GIGABYTE Lists GA-J3455N-D3H: Apollo Lake with COM, LPT, PS/2, D-Sub and PCIby Anton Shilov on April 13, 2017 12:05 PM EST
GIGABYTE has added its first Intel Apollo Lake-based desktop motherboard to its product list. The platform is designed primarily for low-power entry-level PCs, but the manufacturer decided to tailor its J3455N-D3H also for customers who need various legacy I/O technologies, indicating that this board was perhaps orignally designed for a specific customer but is now being released to the wider public. The mainboard is equipped with a host of older interfaces, including COM, LPT, PS/2, D-Sub and PCI.
Just like the name suggests, the GIGABYTE GA-J3455N-D3H is based on the the Intel Celeron J3455 processor (four Goldmont cores clocked at 1.5/2.3 GHz, 2 MB cache, dual-channel DRAM controller, HD Graphics 500, 10W TDP) that feature Intel’s ninth-generation graphics architecture (Gen9) as well as a refined media playback engine with hardware-accelerated playback of 4K video encoded using HEVC and VP9 codecs. The Mini-ITX motherboard is equipped with two DDR3L SO-DIMM slots (supporting up to 16 GB of DDR3L-1866), two Realtek GbE controllers, four SATA connectors (two controlled by the ASMedia ASM1061), one HDMI 1.4 output (up to 3840×2160 at 30 Hz), a connector for a TPM module, USB 3.0 headers (additional USB 2.0 ports are supported using the internal header and a Genesys Logic USB 2.0 hub) and so on.
In addition to the aforementioned regular I/O capabilities of a modern PC, the GIGABYTE GA-J3455N-D3H also features a number of legacy interfaces. The latter includes two COM ports, an LPT port header, PS/2 connectors for keyboard and mouse, a D-Sub output for displays, as well as a PCI slot for various add-on cards (and such cards may carry additional legacy interfaces, such as PATA, etc.). While the presence of the connectors makes the motherboard a viable candidate for a system running legacy applications, it should be noted that Intel’s Apollo Lake is not supported by Windows 7, 8, Vista or XP. Windows 10 does support legacy hardware, including COM, PCI and other interfaces, but the problem is those old software applications that use COM ports or PCI cards might not work in Windows 10, or require VMs and abstraction to do so. Therefore, to use them, one will need to install Windows 7 or XP on a virtual machine, which is not always convenient. Failing this, a Linux distribution might be a preferred option.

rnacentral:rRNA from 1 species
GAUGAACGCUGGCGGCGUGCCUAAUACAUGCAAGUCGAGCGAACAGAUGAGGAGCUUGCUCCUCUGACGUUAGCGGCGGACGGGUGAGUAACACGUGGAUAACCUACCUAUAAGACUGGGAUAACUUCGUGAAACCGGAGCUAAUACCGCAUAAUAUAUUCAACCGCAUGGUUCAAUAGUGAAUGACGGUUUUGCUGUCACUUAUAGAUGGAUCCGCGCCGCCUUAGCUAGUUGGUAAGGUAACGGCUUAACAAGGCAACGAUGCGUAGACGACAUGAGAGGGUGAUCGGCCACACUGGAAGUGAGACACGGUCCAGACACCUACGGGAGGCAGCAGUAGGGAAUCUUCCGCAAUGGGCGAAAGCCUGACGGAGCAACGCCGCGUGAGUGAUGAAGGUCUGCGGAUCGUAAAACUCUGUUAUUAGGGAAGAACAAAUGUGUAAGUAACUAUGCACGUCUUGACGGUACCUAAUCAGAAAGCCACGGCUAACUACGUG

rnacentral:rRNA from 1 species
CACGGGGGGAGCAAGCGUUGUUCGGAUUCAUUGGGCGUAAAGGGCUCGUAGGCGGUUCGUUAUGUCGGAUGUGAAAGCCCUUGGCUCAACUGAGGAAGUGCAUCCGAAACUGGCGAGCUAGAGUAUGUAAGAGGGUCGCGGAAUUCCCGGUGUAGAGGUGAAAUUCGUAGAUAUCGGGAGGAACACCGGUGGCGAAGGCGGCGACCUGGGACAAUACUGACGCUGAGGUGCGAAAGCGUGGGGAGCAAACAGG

|GIGABYTE's Intel Apollo Lake Motherboard|
|CPU||Intel Celeron J3455
1.5 - 2.3 GHz
10 W TDP
|Graphics||HD Graphics 500
250 - 750 MHz
|PCH||Integrated into CPU|
|Memory||2 GB DDR3L-1866 pre-installed
Two SO-DIMM slots,
up to 16 GB of DDR3L-1866
|Ethernet||2 × Realtek GbE controllers|
|Display Outputs||D-Sub (implementation unclear)
|Storage||2 × SATA 6 Gbps (SoC)
2 × SATA 6 Gbps (ASM1061)
7.1 channel audio
|USB||2 × USB 3.0 Type-A
2 × USB 2.0
|Other I/O||2 × COM ports
LPT internal header
2 × PS/2
While the GA-J3455N-D3H motherboard is heading to retail, the presence of two GbE ports indicates that GIGABYTE either plans to offer the platform to corporate customers, or is already shipping it to interested parties. If the latter is the case, it looks like GIGABYTE has clients who need more or less modern low-cost PCs with legacy interfaces in their corporate networks. It's always easier to replace a $500 PC connected to a $500k machine than to replace the machine, after all.
GIGABYTE has not announced MSRP of its J3455N-D3H motherboard or its actual release date. Keeping in mind that the COM, PS/2 and LPT controller, the additional SATA controller as well as a PCIe-to-PCI bridge all cost money, we expect GIGABYTE’s Apollo Lake-based platform to cost more than the base Apollo Lake solutions available.
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